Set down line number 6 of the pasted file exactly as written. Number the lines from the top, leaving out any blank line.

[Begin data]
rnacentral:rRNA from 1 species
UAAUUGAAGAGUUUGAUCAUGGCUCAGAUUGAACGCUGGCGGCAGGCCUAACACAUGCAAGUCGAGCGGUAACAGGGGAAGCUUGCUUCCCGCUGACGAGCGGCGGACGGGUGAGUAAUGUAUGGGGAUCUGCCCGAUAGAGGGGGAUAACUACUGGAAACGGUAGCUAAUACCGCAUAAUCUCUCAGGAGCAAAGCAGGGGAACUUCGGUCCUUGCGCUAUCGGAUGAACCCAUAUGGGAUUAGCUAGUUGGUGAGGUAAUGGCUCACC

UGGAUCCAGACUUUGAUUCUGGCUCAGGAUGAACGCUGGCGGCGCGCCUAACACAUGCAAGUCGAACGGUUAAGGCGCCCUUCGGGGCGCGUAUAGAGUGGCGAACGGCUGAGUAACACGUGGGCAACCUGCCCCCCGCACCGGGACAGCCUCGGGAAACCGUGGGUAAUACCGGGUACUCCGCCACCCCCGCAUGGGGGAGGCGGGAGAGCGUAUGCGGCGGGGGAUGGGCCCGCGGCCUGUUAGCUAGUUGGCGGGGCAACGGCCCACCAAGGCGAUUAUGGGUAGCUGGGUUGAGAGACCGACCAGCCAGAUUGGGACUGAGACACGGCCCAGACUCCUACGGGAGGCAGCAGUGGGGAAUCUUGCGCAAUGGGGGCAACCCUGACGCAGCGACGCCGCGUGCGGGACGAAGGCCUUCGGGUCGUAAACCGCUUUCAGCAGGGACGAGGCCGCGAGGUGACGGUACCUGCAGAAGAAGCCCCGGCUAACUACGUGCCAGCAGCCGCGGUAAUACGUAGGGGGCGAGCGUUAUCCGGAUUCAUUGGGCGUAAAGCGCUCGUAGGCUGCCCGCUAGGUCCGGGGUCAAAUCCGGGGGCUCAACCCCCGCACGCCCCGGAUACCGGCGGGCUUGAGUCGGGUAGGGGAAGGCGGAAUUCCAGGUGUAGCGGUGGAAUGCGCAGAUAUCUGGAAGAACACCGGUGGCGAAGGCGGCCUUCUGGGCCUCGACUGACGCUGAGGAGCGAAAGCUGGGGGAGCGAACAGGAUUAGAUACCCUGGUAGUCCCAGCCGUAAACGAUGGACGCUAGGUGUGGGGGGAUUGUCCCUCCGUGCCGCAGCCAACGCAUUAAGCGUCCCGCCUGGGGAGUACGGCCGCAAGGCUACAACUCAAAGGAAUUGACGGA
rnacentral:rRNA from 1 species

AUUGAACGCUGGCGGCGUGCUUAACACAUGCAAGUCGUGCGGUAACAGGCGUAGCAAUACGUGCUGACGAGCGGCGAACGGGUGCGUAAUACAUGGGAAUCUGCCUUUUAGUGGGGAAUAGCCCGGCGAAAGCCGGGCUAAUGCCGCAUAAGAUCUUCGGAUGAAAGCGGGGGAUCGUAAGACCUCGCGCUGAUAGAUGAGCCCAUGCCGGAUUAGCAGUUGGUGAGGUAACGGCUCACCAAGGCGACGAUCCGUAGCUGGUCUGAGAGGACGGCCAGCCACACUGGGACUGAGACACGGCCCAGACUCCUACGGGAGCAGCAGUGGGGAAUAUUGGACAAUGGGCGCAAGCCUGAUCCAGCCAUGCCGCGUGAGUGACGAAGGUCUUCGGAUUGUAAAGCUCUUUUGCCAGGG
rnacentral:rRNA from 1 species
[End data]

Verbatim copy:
rnacentral:rRNA from 1 species